So, I firmly reiterate that we don’t need gender quotas to prove our worth. We should elect or select individuals based on their skills and actual contributions, not on gender. Gender quotas, in my view, are a sad and ineffective solution for promoting gender equality in scientific contexts – Dr Barbara Cagli

As a plastic surgery resident I only got non -permanent contracts for one year. Thus when I got pregnant I did not get any paid leave and had to finance everything by myself. – Dr Eva Neuenschwander Fürer

Yes, I have faced specific challenges as a woman in a predominantly male field, and unfortunately, these challenges are a daily occurrence. The barriers primarily stem from existing prejudices against women, perceiving them as less capable professionals, as if there were some biological limit hindering their full potential.

To overcome these challenges is an ongoing struggle, and currently, there is no straightforward solution. The pervasive prejudices are deeply rooted, often portraying women as fragile or incapable in surgical contexts. Despite our efforts, these biases persist, making it challenging to entirely overcome such differences.

Women in our field often invest extra effort to surpass these obstacles and prove themselves. We strive to be exceptionally well-prepared and professional, addressing both the human and scientific aspects of our work. However, even with this commitment, overcoming societal prejudices remains a formidable task. – Dr Rosita Pensato

What valuable advice would you offer to aspiring female doctors interested in pursuing a career in plastic surgery and aesthetics medicine, considering your own journey and experiences?

Never step back or consider yourself as less talented when some colleagues seem to communicate in a more confident manner about their own knowledge and capabilities. – Dr. Eva Neuenschwander Fürer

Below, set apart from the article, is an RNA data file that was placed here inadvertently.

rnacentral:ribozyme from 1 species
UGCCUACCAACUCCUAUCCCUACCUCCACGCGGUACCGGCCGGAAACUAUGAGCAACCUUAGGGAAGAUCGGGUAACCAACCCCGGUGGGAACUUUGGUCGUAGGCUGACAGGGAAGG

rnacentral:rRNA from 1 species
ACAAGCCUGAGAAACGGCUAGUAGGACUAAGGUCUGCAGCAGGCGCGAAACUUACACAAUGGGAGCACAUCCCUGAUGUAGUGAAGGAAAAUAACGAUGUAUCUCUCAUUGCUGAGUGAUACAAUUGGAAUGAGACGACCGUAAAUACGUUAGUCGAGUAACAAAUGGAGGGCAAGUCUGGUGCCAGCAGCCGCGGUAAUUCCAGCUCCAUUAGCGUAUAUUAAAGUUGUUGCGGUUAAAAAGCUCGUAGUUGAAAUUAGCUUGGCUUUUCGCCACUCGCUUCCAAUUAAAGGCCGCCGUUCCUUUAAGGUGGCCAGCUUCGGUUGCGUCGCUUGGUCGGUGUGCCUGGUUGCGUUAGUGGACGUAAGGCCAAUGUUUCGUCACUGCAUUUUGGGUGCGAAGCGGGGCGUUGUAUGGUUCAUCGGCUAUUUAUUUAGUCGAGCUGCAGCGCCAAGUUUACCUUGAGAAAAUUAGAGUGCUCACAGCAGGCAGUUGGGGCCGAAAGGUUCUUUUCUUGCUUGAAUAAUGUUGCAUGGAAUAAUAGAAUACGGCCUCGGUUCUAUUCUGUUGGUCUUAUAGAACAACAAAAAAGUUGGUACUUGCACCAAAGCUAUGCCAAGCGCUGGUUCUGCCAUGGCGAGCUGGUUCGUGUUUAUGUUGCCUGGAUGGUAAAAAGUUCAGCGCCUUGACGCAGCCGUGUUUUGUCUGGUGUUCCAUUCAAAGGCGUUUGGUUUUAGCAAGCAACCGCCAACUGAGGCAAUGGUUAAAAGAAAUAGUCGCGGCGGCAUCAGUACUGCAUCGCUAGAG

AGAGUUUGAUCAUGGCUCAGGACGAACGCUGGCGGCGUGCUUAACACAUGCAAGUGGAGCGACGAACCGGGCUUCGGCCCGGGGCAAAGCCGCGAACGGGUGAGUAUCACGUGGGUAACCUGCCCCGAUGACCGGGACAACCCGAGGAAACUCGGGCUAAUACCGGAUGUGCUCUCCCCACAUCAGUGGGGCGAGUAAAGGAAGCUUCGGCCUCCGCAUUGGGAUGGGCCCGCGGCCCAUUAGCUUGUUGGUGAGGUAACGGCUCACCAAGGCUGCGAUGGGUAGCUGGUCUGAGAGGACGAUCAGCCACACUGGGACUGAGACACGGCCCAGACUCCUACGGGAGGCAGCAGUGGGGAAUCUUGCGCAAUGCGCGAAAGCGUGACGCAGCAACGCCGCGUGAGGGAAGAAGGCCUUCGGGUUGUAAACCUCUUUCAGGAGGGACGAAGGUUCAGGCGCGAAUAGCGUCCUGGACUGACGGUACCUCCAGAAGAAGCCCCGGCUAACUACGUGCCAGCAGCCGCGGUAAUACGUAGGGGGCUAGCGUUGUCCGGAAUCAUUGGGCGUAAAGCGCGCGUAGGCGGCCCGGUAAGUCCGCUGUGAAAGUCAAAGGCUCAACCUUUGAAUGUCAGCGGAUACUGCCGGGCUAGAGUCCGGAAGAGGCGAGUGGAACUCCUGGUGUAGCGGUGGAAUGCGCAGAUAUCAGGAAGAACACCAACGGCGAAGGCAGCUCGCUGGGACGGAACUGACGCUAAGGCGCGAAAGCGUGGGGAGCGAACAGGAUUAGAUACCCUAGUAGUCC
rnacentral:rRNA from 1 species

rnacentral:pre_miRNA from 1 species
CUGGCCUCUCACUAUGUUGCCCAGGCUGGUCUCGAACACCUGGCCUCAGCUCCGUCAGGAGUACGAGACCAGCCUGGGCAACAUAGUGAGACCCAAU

One key message I often share with my colleagues is the importance of embracing our multifaceted identities. I encourage them to take pride in being not just surgeons but individuals with rich personal lives. It’s essential not to succumb to a victim mentality but rather to navigate the challenges with resilience and determination.

It’s common for people to lament the perceived disadvantages faced by women in our field. However, I believe that by acknowledging and celebrating our unique identities, we can turn these challenges into opportunities for growth. Yes, the path may be challenging, but I find great satisfaction in saying that life has offered me many beautiful experiences beyond my role as a surgeon.

In essence, my message is to be proud of who we are, to not let the system define us, and to recognize that our diverse life experiences enrich our abilities as surgeons. Each challenge we face is an opportunity for personal and professional development, and I am content to have embraced a myriad of wonderful experiences throughout my journey. – Dr Barbara Cagli

Be prepared to challenge gender stereotypes within the field. Prove your capabilities through excellence in your work and cultivate a strong professional identity that transcends societal biases. Strive for a healthy work-life balance. The demands of a medical career, especially in a specialized field like plastic surgery, can be intense. Prioritize self-care and well-being to sustain your passion and effectiveness in your profession. – Dr. Rosita Pensato

Reflecting on your career, could you share a memorable moment where your gender influenced your approach or perspective in treating a patient? How did this experience shape your practice or understanding of patient care?

When a patient said to me for the first time that she would never undress and show her problem to a male doctor, I realized, that we as female doctors can offer safety and peer like understanding in intimate medical situations – Dr. Eva Neuenschwander Fürer

In my practice, I believe that my understanding of the female experience, both physically and emotionally, allows me to connect with patients on a deeper level. This connection is particularly empowering for women seeking plastic surgery or aesthetic treatments because they often have specific concerns and desires related to their unique experiences. – Dr. Rosita Pensato

I see it as my task to help women feel comfortable in their own skin, by fixing their insecurities (through surgery or non-surgical treatments), which helps them LIVING THEIR BEST LIFE! I personally consider the fact that my clients look great a bonus. I’m convinced that feeling empowered comes from feeling good on the inside! – Dr. Annemarie Nijboer

Balancing traditional beauty standards with advocacy for diversity and inclusivity can be challenging. How do you navigate this pressure within your practice, and can you share any strategies or insights you’ve found effective?

There are no general principles, every case is individual. The best advice is to listen to the patient very intensely and ask as many questions as possible to be sure about the goals and the picture the patient has from herself or himself – Dr. Eva Neuenschwander Fürer